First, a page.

4.1 Impacts of Aerosols from Biomass Burning and Anthropogenic Pollution Sources on Low-Level Arctic Clouds

Tuesday, 9 January 2018: 10:30 AM
Room 12A (ACC) (Austin, Texas)
Timothy J. Garrett, Univ. of Utah, Salt Lake City, UT; and Q. Coopman, J. Riedi, and D. Finch

The Arctic region is warming particularly rapidly compared to the planet as a whole. An increasing number of studies indicate that aerosol-cloud interactions (ACI) may be playing an important role, although the nature of the interactions is still poorly understood. A particular challenge is obtaining independent datasets for cloud microphysical parameters and aerosol content so that the interactions can be expressed as dependent and independent variables. Clouds affect aerosols through, e.g. wet scavenging as much as aerosols affect clouds, so decoupling one from the other is not obvious. Further, aerosol concentrations and cloud properties are both a function of meteorological state. Correlations between aerosols and clouds could be entirely a coincidence.

We are addressing these issues by combining measurements from satellite instruments POLDER-3 and MODIS totemporally and spatially co-localate cloud microphysical properties with carbon monoxide concentrations, which serves as a passive tracer of pollution plumes, from GEOS-Chem and FLEXPART. We
also include ERA-Interim reanalysis of meteorological parameters to stratify the dataset by meteorological state, looking specifically at specific humidity and lower tropospheric stability, two primary variables controlling cloud behaviors. Thus, observed differences in cloud microphysical parameters can be attributed to the presence of pollution plumes rather than meteorological variability.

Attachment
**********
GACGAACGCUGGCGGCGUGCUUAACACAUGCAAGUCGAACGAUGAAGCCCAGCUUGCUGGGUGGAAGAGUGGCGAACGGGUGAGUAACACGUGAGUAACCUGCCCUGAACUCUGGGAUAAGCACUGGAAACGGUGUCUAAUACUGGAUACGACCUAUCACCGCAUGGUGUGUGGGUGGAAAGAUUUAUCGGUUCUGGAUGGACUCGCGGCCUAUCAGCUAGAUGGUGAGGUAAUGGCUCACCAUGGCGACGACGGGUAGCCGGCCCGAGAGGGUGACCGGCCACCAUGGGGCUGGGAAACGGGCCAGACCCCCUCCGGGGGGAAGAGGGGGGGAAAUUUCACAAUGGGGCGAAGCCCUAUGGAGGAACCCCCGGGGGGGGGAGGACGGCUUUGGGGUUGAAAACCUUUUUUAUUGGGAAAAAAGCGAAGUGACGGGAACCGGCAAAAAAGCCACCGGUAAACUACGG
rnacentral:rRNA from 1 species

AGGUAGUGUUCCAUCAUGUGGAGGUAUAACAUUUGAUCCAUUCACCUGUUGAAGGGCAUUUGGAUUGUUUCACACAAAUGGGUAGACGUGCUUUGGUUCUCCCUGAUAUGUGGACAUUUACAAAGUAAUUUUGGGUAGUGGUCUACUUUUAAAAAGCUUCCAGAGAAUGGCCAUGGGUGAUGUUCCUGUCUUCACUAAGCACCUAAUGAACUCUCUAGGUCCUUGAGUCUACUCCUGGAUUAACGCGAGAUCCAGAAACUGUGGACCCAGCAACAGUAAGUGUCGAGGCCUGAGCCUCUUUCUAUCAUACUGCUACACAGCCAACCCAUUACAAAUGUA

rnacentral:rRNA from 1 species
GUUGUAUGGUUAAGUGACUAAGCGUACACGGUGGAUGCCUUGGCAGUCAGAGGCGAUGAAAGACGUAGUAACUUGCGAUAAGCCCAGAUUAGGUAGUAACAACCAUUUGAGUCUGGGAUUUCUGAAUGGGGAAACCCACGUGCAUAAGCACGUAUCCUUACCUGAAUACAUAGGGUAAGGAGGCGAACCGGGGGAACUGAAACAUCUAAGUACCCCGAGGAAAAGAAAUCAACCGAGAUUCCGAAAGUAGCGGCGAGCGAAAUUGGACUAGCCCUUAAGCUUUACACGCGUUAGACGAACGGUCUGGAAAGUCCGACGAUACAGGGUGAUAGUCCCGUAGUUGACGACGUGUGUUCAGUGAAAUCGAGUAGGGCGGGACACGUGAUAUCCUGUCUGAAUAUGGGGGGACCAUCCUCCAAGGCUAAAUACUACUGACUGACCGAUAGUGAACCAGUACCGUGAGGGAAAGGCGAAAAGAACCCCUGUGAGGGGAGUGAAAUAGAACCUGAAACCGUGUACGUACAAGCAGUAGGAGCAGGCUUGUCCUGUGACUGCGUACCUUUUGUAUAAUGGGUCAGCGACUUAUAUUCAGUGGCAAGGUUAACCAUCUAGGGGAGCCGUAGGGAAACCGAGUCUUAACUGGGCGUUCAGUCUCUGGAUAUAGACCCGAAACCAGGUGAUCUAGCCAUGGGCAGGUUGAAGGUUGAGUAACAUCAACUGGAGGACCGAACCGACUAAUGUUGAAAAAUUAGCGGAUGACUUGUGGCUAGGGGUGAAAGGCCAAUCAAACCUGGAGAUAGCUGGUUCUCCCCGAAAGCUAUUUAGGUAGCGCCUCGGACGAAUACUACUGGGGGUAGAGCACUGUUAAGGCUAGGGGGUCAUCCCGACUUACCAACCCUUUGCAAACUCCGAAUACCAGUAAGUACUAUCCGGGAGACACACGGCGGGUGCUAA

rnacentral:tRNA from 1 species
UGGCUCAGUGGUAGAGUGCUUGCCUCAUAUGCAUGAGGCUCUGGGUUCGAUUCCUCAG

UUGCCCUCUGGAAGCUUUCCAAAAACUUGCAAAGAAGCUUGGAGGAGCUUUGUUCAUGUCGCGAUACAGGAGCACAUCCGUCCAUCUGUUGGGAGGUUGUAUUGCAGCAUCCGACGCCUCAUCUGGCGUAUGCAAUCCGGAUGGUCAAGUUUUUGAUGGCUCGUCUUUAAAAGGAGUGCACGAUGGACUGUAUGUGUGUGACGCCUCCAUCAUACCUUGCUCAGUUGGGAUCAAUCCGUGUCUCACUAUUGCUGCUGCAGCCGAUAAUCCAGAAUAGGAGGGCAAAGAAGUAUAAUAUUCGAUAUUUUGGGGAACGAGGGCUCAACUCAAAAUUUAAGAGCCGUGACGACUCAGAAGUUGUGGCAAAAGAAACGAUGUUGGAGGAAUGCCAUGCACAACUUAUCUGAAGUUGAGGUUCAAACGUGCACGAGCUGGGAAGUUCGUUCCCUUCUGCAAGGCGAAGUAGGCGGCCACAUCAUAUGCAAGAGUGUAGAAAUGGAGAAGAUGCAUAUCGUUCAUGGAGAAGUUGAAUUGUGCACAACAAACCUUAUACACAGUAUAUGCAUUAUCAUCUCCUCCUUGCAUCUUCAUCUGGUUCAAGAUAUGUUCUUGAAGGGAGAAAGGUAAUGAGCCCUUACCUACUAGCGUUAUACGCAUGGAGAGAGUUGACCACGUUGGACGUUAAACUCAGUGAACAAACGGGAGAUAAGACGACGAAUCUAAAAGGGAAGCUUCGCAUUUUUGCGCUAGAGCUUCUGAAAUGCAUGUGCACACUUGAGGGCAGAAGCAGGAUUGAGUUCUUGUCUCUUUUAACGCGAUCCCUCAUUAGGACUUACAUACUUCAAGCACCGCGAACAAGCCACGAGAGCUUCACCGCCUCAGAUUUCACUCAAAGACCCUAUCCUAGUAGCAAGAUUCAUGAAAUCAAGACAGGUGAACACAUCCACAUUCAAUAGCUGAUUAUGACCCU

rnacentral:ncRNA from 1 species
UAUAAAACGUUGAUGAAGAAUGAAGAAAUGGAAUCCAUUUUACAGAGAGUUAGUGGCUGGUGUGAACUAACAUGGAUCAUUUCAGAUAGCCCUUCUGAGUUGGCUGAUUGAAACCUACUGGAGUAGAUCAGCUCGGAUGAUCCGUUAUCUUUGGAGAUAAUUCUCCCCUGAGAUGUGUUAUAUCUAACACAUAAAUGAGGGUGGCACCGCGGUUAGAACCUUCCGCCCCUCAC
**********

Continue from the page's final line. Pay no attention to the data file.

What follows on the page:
We define a net Aerosol-Cloud Interaction parameter (ACInet) as a measure of the sensitivity of a cloud at any given location to pollution plumes from distant sources, allowing for the possibility of wet scavenging of aerosols en route. ACInet provides a measure of the impact on liquid-cloud microphysical properties in Arctic of pollution plumes from anthropogenic and biomass burning sources originating at mid-latitudes. For a time period between 2005 and 2010, we find that, controlling for meteorological state, the effect of biomass pollution plumes on clouds is smaller (ACInet ~ 0) than that for anthropogenic pollution plumes (ACInet ~ 0.30).

We also investigate the impacts of anthropogenic aerosol on thermodynamic phase transitions. We present a novel technique for using satellite datasets to study freezing nucleation rates in clouds. Clouds with small cloud droplet effective radii are observed to require a greater degree of supercooling to freeze. Clouds that are exposed to high pollution concentrations require a lower degree of supercooling. In the latter case, the estimated decrease in the energy barrier for freezing due to an increase in aerosol concentration can be up to 48%, suggesting a factor of four increase in the freezing nucleation rate.

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